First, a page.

Lake Highlands High School grad Collin Yarbrough will discuss his book, Paved A Way: Infrastructure, Policy, and Racism in an American City, this month at SMU.

Paved A Way tells the stories of five Dallas neighborhoods and the ways their histories were shaped by racism and economic oppression. Deep Ellum, Little Mexico, North Dallas, Tenth Street and Fair Park look nothing like they did in their heyday, and Yarbrough says those declines were intentional.

“Acknowledgement is the first step in the journey of unpacking the ways our cities are built with systems of power and erasure,” writes Yarbrough. “True reconciliation requires acknowledgement and acceptance of past injustice. In that journey, we are only at the beginning.”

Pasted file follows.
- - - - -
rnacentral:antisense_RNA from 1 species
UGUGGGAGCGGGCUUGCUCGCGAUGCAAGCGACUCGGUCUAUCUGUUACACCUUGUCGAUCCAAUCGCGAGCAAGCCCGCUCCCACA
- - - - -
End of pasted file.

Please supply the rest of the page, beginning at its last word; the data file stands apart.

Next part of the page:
Yarbrough is a graduate student in SMU’s engineering school, and he studied sustainability and development in SMU’s graduate-level program. He was inspired to write Paved A Way after learning more than 1,100 bodies from Freedman’s Cemetery were relocated for construction of Central Expressway, which he uses most every day.

Yarbrough’s discussion runs from noon to 1 Feb. 16 in the Texana Room of Fondren Library at SMU. The event is free and open to the public, but seating is limited, and participants must register by email with